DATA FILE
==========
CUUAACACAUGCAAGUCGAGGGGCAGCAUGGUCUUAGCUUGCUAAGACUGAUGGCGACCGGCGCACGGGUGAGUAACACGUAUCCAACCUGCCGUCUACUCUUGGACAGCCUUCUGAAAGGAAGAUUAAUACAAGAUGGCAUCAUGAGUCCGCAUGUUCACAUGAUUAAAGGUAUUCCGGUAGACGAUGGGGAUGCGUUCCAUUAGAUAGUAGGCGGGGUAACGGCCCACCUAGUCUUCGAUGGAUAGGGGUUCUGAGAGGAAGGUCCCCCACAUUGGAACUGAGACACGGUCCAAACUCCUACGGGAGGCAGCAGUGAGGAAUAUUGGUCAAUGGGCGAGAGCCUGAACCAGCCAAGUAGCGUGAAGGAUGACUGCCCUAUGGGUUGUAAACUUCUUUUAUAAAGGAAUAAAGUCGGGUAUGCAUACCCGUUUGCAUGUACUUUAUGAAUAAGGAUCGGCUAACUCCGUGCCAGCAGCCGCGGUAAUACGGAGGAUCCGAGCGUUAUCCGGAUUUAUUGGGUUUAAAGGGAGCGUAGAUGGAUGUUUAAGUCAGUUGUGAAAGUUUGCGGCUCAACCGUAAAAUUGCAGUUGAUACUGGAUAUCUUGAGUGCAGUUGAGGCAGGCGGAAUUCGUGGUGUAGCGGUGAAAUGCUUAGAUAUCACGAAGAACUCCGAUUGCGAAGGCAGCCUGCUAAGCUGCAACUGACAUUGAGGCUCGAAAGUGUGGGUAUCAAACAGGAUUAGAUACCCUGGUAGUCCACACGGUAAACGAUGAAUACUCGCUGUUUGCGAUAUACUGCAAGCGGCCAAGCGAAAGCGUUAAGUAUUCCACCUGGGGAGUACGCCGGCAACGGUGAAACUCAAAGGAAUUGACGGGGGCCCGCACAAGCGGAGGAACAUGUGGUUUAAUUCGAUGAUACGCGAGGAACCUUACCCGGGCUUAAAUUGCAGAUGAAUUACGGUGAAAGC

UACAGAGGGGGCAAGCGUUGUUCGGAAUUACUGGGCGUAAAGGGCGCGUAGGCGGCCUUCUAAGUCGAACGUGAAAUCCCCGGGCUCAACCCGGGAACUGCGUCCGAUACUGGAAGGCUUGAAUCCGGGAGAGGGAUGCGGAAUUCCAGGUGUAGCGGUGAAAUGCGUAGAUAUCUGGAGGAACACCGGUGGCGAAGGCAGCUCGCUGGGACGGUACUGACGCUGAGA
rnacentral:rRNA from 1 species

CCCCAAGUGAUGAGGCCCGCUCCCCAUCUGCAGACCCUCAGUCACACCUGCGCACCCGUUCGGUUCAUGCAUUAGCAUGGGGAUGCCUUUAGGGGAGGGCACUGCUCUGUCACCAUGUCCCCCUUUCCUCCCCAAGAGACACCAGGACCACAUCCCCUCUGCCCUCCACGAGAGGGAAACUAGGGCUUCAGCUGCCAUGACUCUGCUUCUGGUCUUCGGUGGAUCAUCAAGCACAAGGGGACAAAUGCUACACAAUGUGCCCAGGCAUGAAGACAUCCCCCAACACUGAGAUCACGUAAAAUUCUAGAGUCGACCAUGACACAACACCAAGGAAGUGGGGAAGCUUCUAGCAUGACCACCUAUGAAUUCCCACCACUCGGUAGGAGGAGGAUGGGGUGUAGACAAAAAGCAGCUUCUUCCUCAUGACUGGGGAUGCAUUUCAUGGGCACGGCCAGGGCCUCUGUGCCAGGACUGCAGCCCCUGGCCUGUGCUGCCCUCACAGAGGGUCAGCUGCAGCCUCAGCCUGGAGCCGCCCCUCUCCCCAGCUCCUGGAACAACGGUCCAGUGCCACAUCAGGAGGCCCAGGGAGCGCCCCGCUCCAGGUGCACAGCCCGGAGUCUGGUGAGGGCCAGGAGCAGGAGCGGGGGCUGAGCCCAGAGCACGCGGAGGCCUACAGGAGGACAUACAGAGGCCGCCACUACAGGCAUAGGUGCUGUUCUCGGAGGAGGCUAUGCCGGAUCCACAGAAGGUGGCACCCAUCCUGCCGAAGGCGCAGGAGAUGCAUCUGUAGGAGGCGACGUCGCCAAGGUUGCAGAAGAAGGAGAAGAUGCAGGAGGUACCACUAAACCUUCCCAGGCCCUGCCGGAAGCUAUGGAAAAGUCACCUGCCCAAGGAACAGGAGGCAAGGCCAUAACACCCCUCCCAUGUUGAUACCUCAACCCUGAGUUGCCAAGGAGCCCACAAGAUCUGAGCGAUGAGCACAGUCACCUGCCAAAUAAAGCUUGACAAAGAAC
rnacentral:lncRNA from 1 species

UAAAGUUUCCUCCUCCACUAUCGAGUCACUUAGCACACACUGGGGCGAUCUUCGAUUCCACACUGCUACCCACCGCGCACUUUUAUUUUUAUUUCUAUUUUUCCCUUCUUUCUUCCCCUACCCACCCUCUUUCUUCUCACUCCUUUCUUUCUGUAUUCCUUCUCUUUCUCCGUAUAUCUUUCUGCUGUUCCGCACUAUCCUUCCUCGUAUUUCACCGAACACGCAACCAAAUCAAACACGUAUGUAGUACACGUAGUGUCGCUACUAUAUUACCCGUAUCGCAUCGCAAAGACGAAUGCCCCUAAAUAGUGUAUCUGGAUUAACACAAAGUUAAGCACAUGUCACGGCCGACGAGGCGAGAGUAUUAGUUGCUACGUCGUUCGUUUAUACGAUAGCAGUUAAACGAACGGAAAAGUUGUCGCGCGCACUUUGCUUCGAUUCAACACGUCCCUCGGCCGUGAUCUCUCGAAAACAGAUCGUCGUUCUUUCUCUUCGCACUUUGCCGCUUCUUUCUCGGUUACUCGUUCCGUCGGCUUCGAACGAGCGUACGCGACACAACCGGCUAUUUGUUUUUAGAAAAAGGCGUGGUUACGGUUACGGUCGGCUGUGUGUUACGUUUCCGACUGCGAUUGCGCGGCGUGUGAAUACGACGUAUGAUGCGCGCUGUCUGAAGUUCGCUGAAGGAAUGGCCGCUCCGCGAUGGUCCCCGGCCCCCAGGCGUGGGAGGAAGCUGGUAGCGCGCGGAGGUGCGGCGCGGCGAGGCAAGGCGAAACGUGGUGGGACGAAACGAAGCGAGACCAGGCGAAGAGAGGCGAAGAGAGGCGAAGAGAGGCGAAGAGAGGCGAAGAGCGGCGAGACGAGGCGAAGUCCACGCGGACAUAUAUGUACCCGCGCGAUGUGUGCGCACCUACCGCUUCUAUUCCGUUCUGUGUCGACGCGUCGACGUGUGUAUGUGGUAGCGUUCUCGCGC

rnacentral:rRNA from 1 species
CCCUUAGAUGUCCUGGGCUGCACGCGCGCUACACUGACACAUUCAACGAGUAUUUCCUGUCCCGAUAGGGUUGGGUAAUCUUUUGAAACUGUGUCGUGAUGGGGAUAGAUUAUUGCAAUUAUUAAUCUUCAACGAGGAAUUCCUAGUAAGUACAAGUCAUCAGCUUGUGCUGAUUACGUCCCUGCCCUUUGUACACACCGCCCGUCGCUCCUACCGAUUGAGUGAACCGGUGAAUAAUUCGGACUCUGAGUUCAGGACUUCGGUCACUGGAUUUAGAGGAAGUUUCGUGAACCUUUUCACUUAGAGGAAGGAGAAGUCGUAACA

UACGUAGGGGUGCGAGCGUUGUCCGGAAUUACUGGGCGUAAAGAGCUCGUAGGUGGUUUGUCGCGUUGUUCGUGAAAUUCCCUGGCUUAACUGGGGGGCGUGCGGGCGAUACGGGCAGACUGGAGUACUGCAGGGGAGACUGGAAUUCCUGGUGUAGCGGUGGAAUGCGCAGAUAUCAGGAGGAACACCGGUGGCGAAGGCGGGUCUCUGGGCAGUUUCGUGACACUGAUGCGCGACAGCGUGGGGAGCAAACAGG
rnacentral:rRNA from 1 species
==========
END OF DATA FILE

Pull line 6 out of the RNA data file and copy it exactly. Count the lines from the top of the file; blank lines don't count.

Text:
UAAAGUUUCCUCCUCCACUAUCGAGUCACUUAGCACACACUGGGGCGAUCUUCGAUUCCACACUGCUACCCACCGCGCACUUUUAUUUUUAUUUCUAUUUUUCCCUUCUUUCUUCCCCUACCCACCCUCUUUCUUCUCACUCCUUUCUUUCUGUAUUCCUUCUCUUUCUCCGUAUAUCUUUCUGCUGUUCCGCACUAUCCUUCCUCGUAUUUCACCGAACACGCAACCAAAUCAAACACGUAUGUAGUACACGUAGUGUCGCUACUAUAUUACCCGUAUCGCAUCGCAAAGACGAAUGCCCCUAAAUAGUGUAUCUGGAUUAACACAAAGUUAAGCACAUGUCACGGCCGACGAGGCGAGAGUAUUAGUUGCUACGUCGUUCGUUUAUACGAUAGCAGUUAAACGAACGGAAAAGUUGUCGCGCGCACUUUGCUUCGAUUCAACACGUCCCUCGGCCGUGAUCUCUCGAAAACAGAUCGUCGUUCUUUCUCUUCGCACUUUGCCGCUUCUUUCUCGGUUACUCGUUCCGUCGGCUUCGAACGAGCGUACGCGACACAACCGGCUAUUUGUUUUUAGAAAAAGGCGUGGUUACGGUUACGGUCGGCUGUGUGUUACGUUUCCGACUGCGAUUGCGCGGCGUGUGAAUACGACGUAUGAUGCGCGCUGUCUGAAGUUCGCUGAAGGAAUGGCCGCUCCGCGAUGGUCCCCGGCCCCCAGGCGUGGGAGGAAGCUGGUAGCGCGCGGAGGUGCGGCGCGGCGAGGCAAGGCGAAACGUGGUGGGACGAAACGAAGCGAGACCAGGCGAAGAGAGGCGAAGAGAGGCGAAGAGAGGCGAAGAGAGGCGAAGAGCGGCGAGACGAGGCGAAGUCCACGCGGACAUAUAUGUACCCGCGCGAUGUGUGCGCACCUACCGCUUCUAUUCCGUUCUGUGUCGACGCGUCGACGUGUGUAUGUGGUAGCGUUCUCGCGC